Last week, Bishop Fabian W. Bruskewitz of Lincoln, Nebraska, Father Christopher Kubat, the diocesan director of Catholic Social Services (CSS), Sister Jacqueline Darner, M.S., and others gathered to turn the first shovelfuls of dirt that will make way for the new 24-unit St. Gianna Women’s Homes. The secure apartment building will be comprised of 24 one-, two- and three-bedroom units that will house women and children escaping domestic abuse and the pressure to abort.
It will also include a chapel, daycare center, kitchen, exercise facility, commons area, and a small three-bedroom cloister for the Marian Sisters who will serve as caseworkers for the women living in the facility.
Father Kubat noted that the project was funded through the CSS “Expanding the Works of Mercy Campaign.” That campaign sought to raise $5 million for a number of CSS projects, and recently met that goal.
One purpose of the campaign was to consolidate Lincoln social services in a downtown location, which required purchasing and renovating its current building at 23rd and O streets. Another was to open a permanent gift and thrift store – St. Isidore – in Imperial, which opened March 8.
The campaign also acquired monies to start an endowment so that all CSS programs would have an ongoing supply of funds.
However, it was the St. Gianna Women’s Homes project that inspired the generosity of many throughout the diocese.
“Response to this project was just tremendous across the diocese,” Father Kubat said. “This is the one element that struck the heartstrings of most people.”
All told, it will take $3 million to build the new apartment building, and somewhere between $200,000 and $300,000 to run it each year. For that reason, fundraising efforts for St. Gianna Women’s Homes will be ongoing.
Father Kubat said that currently, it is “very, very difficult” for CSS to care for women and children who are victims of domestic abuse or the threat of abortion.
“There’s just not enough beds,” he lamented.
At present, the best CSS can do is help a woman find an apartment, furnish it, pay the first month’s rent, fill the cupboards with food and help the woman find a job. Sometimes, CSS resorts to putting someone up in a motel, but that is cost-prohibitive.
Recently, CSS helped a woman from south-central Nebraska who was living with her children in a shed equipped with just a space heater. Another CSS client was living in her car with her children. CSS is in desperate need for more housing to accommodate these women in crisis.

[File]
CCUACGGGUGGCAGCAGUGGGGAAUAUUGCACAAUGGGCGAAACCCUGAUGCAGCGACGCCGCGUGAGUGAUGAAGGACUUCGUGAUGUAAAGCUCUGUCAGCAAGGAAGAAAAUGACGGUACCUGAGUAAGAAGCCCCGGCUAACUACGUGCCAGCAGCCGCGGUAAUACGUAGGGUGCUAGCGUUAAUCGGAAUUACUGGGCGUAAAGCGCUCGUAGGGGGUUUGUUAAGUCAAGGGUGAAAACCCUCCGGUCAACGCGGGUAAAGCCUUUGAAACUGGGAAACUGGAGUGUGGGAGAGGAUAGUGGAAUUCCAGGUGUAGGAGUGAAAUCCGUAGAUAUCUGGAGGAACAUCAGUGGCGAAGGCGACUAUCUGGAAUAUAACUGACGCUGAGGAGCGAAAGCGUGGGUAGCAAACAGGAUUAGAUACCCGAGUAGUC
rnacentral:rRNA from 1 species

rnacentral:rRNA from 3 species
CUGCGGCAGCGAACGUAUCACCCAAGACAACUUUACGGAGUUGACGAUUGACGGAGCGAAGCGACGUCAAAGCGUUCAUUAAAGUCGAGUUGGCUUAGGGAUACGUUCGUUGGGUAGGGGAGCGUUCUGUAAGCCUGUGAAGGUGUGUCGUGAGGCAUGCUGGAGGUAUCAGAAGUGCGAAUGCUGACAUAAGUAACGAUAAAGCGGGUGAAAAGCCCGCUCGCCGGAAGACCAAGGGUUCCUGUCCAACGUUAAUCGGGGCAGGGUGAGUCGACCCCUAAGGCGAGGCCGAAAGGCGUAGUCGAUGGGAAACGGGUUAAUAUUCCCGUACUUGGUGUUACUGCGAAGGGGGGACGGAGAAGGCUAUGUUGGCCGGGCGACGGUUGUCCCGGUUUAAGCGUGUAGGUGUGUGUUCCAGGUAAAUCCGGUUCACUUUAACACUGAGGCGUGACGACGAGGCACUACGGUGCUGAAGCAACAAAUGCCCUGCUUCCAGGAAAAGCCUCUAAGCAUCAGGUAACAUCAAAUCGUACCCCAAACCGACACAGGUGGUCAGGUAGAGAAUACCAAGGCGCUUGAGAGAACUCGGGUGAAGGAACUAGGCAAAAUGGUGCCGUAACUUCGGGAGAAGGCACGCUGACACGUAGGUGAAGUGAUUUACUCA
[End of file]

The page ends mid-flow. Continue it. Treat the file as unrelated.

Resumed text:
“We do our best, but there just isn’t enough space to house these victims,” said Father Kubat. “It’s an incredible challenge.”
St. Gianna Women’s Homes will enable CSS to provide safe and clean temporary housing for at-risk women from across the diocese. The program will accept women of any age, religion or ethnicity who are being threatened by domestic abuse or who are being pressured into abortion by partners, parents, finances or other factors.
The project is named for St. Gianna Beretta Molla. She was an Italian mother, physician and social worker who faced a uterine tumor while she was pregnant with her fourth child.
Choosing her baby’s life over cancer treatment, St. Gianna gave birth to a healthy daughter and died one week later, on April 28, 1962. Her daughter, also named Gianna, became a physician and has continued her mother’s legacy, though by caring for the aged instead of working as a family doctor. St. Gianna’s family also operates a charitable foundation to help the needy.
Construction of the new apartment building for St. Gianna Women’s Homes will take about 10 months. Meanwhile, fundraising will continue in earnest, with “First Friday Fish Fry” dinners at the main CSS building in Lincoln at 23rd and O (during months outside of Lent only), a new cake walk and cake auction fundraiser called “That Takes the Cake,” and several other creative ideas.
Donations to the project can also be sent to CSS, 2241 O St., Lincoln, NE 68510.
Father Kubat is gratified that so many people in the diocese understand the dire need for St. Gianna Women’s Homes.
“It’s very edifying,” he said. “It’s very exciting that we’re really going to be able to help so many more women and their children.”
Printed with permission from the Southern Nebraska Register, newspaper for the Diocese of Lincoln.